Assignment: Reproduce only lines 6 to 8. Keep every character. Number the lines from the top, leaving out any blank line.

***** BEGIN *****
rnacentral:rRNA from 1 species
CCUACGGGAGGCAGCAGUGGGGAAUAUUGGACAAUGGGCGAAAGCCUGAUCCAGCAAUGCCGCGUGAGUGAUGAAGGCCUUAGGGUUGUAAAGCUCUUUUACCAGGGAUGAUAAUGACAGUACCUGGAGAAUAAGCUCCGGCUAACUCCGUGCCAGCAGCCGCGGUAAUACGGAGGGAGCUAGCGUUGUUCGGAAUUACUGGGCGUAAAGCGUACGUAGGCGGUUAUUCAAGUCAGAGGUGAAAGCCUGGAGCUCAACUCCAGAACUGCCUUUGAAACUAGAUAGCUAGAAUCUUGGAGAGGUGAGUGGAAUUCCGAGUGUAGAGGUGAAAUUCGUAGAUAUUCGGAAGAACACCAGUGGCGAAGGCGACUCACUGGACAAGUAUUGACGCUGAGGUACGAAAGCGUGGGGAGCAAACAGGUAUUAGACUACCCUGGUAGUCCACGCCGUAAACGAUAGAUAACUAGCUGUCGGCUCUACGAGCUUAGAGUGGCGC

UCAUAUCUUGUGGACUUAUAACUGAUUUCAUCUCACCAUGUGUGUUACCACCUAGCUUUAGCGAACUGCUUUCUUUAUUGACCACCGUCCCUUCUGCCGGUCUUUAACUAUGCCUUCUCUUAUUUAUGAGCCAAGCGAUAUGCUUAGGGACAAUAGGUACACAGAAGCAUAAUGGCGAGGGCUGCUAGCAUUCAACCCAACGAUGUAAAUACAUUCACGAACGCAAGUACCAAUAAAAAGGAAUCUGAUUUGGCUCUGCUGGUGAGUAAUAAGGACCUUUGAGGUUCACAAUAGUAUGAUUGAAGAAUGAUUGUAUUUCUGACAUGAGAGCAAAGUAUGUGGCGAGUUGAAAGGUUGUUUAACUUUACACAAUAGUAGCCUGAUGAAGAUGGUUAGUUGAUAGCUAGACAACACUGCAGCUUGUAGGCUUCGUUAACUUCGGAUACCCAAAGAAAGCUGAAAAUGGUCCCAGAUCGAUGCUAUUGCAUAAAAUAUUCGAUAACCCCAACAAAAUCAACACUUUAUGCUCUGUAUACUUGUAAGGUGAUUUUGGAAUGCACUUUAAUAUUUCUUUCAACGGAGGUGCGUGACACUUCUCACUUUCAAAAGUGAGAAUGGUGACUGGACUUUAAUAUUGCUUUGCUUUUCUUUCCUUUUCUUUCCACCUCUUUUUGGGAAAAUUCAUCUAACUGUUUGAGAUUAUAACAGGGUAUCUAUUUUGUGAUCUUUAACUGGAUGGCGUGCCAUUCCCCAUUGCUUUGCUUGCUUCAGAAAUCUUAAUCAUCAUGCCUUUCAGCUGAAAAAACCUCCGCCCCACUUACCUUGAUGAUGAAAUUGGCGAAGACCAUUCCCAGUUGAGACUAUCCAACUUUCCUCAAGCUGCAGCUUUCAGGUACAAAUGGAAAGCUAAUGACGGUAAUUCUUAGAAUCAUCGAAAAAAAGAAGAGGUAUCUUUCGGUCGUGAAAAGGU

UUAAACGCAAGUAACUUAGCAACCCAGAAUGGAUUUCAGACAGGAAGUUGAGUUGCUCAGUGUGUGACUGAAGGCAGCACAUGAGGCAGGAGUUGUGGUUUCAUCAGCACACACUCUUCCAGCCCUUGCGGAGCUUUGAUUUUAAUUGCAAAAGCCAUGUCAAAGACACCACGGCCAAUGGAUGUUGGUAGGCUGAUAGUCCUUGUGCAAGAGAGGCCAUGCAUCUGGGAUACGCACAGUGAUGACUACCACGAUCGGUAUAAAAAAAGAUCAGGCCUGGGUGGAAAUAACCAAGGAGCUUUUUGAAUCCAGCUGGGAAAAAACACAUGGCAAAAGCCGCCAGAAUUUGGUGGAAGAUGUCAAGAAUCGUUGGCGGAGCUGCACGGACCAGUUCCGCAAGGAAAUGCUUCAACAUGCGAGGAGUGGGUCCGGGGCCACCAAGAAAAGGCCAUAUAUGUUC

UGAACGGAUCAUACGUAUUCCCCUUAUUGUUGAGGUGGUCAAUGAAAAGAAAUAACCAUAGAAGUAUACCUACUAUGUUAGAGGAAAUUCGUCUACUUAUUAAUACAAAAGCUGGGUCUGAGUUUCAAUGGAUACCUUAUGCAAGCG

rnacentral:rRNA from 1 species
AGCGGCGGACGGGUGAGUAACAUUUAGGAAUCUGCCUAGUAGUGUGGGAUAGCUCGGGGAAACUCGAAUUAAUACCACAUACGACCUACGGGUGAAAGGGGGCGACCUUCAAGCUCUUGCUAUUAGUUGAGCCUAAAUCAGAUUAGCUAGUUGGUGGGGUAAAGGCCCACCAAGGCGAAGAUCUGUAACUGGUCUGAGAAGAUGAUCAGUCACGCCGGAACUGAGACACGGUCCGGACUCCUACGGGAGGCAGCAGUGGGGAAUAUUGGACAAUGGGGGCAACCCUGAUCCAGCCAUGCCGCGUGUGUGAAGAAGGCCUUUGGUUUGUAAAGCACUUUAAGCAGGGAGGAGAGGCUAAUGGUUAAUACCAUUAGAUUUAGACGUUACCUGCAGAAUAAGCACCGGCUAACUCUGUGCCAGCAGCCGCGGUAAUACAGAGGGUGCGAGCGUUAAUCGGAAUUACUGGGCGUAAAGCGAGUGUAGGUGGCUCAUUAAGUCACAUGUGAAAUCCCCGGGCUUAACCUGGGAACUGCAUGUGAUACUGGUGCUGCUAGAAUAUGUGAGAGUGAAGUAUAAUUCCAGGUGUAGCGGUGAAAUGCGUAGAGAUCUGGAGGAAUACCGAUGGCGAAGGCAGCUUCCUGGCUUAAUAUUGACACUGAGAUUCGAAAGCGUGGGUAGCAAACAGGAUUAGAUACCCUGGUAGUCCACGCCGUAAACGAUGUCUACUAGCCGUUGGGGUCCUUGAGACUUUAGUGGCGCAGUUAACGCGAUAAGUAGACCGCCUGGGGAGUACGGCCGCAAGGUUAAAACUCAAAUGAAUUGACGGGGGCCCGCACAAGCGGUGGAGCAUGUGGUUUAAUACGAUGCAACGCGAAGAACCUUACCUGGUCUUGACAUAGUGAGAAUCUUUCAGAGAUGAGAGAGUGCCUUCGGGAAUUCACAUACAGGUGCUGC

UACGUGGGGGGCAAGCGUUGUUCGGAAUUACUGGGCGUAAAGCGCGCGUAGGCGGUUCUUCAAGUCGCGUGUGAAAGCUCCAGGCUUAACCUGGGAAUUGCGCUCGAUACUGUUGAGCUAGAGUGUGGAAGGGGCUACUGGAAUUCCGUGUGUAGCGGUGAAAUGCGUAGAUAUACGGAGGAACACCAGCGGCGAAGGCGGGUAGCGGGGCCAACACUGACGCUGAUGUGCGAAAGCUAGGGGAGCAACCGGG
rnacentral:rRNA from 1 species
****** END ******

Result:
rnacentral:rRNA from 1 species
AGCGGCGGACGGGUGAGUAACAUUUAGGAAUCUGCCUAGUAGUGUGGGAUAGCUCGGGGAAACUCGAAUUAAUACCACAUACGACCUACGGGUGAAAGGGGGCGACCUUCAAGCUCUUGCUAUUAGUUGAGCCUAAAUCAGAUUAGCUAGUUGGUGGGGUAAAGGCCCACCAAGGCGAAGAUCUGUAACUGGUCUGAGAAGAUGAUCAGUCACGCCGGAACUGAGACACGGUCCGGACUCCUACGGGAGGCAGCAGUGGGGAAUAUUGGACAAUGGGGGCAACCCUGAUCCAGCCAUGCCGCGUGUGUGAAGAAGGCCUUUGGUUUGUAAAGCACUUUAAGCAGGGAGGAGAGGCUAAUGGUUAAUACCAUUAGAUUUAGACGUUACCUGCAGAAUAAGCACCGGCUAACUCUGUGCCAGCAGCCGCGGUAAUACAGAGGGUGCGAGCGUUAAUCGGAAUUACUGGGCGUAAAGCGAGUGUAGGUGGCUCAUUAAGUCACAUGUGAAAUCCCCGGGCUUAACCUGGGAACUGCAUGUGAUACUGGUGCUGCUAGAAUAUGUGAGAGUGAAGUAUAAUUCCAGGUGUAGCGGUGAAAUGCGUAGAGAUCUGGAGGAAUACCGAUGGCGAAGGCAGCUUCCUGGCUUAAUAUUGACACUGAGAUUCGAAAGCGUGGGUAGCAAACAGGAUUAGAUACCCUGGUAGUCCACGCCGUAAACGAUGUCUACUAGCCGUUGGGGUCCUUGAGACUUUAGUGGCGCAGUUAACGCGAUAAGUAGACCGCCUGGGGAGUACGGCCGCAAGGUUAAAACUCAAAUGAAUUGACGGGGGCCCGCACAAGCGGUGGAGCAUGUGGUUUAAUACGAUGCAACGCGAAGAACCUUACCUGGUCUUGACAUAGUGAGAAUCUUUCAGAGAUGAGAGAGUGCCUUCGGGAAUUCACAUACAGGUGCUGC

UACGUGGGGGGCAAGCGUUGUUCGGAAUUACUGGGCGUAAAGCGCGCGUAGGCGGUUCUUCAAGUCGCGUGUGAAAGCUCCAGGCUUAACCUGGGAAUUGCGCUCGAUACUGUUGAGCUAGAGUGUGGAAGGGGCUACUGGAAUUCCGUGUGUAGCGGUGAAAUGCGUAGAUAUACGGAGGAACACCAGCGGCGAAGGCGGGUAGCGGGGCCAACACUGACGCUGAUGUGCGAAAGCUAGGGGAGCAACCGGG